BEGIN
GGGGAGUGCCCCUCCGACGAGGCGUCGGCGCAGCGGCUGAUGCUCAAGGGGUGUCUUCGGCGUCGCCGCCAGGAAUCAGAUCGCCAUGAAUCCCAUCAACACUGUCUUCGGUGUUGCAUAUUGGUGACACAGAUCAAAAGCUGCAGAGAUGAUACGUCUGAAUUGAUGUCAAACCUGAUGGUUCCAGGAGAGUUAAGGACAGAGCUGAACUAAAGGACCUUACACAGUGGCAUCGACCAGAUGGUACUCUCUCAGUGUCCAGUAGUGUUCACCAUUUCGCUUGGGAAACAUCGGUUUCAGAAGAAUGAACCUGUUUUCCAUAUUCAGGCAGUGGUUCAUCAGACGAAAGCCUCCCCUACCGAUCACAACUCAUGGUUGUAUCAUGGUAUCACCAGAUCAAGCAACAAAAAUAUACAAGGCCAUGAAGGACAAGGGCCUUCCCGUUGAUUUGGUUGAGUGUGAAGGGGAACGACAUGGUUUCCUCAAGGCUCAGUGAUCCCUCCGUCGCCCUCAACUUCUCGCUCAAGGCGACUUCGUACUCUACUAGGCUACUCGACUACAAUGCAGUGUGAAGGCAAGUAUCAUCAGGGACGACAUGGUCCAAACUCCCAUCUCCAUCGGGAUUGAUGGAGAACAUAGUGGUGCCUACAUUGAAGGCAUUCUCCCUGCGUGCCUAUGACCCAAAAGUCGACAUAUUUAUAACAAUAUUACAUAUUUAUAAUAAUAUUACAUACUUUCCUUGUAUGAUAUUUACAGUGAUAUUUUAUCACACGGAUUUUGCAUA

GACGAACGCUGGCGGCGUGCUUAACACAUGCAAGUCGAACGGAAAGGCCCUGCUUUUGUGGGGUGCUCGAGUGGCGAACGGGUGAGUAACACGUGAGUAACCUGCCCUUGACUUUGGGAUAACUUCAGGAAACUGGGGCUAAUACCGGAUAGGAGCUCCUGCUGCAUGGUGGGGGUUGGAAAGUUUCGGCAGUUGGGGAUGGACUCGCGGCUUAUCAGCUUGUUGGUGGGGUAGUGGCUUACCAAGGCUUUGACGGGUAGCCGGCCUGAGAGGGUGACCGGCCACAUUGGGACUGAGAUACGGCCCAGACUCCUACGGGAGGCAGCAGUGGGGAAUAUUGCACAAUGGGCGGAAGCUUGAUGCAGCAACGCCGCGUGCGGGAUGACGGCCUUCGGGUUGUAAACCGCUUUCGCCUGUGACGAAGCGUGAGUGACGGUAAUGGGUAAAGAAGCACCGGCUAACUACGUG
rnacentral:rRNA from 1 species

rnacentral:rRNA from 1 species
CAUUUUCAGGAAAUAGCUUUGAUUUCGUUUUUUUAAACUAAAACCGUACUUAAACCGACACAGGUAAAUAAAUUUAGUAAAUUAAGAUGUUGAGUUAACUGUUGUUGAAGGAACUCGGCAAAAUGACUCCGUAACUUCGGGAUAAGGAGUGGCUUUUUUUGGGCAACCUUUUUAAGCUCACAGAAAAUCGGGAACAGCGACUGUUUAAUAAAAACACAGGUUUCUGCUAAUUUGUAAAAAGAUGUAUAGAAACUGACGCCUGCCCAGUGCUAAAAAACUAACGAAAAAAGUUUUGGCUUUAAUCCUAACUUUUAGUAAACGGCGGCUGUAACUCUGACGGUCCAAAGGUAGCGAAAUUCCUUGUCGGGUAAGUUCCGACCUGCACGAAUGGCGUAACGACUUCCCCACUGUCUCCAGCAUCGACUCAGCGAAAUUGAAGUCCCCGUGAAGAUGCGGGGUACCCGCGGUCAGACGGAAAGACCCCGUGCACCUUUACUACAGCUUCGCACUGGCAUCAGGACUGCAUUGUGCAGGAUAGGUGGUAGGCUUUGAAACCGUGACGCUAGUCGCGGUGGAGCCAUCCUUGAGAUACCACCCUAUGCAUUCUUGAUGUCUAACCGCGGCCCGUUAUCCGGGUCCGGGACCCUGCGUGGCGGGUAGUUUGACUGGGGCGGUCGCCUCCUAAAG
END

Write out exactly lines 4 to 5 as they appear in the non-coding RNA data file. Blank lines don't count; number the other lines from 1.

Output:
rnacentral:rRNA from 1 species
CAUUUUCAGGAAAUAGCUUUGAUUUCGUUUUUUUAAACUAAAACCGUACUUAAACCGACACAGGUAAAUAAAUUUAGUAAAUUAAGAUGUUGAGUUAACUGUUGUUGAAGGAACUCGGCAAAAUGACUCCGUAACUUCGGGAUAAGGAGUGGCUUUUUUUGGGCAACCUUUUUAAGCUCACAGAAAAUCGGGAACAGCGACUGUUUAAUAAAAACACAGGUUUCUGCUAAUUUGUAAAAAGAUGUAUAGAAACUGACGCCUGCCCAGUGCUAAAAAACUAACGAAAAAAGUUUUGGCUUUAAUCCUAACUUUUAGUAAACGGCGGCUGUAACUCUGACGGUCCAAAGGUAGCGAAAUUCCUUGUCGGGUAAGUUCCGACCUGCACGAAUGGCGUAACGACUUCCCCACUGUCUCCAGCAUCGACUCAGCGAAAUUGAAGUCCCCGUGAAGAUGCGGGGUACCCGCGGUCAGACGGAAAGACCCCGUGCACCUUUACUACAGCUUCGCACUGGCAUCAGGACUGCAUUGUGCAGGAUAGGUGGUAGGCUUUGAAACCGUGACGCUAGUCGCGGUGGAGCCAUCCUUGAGAUACCACCCUAUGCAUUCUUGAUGUCUAACCGCGGCCCGUUAUCCGGGUCCGGGACCCUGCGUGGCGGGUAGUUUGACUGGGGCGGUCGCCUCCUAAAG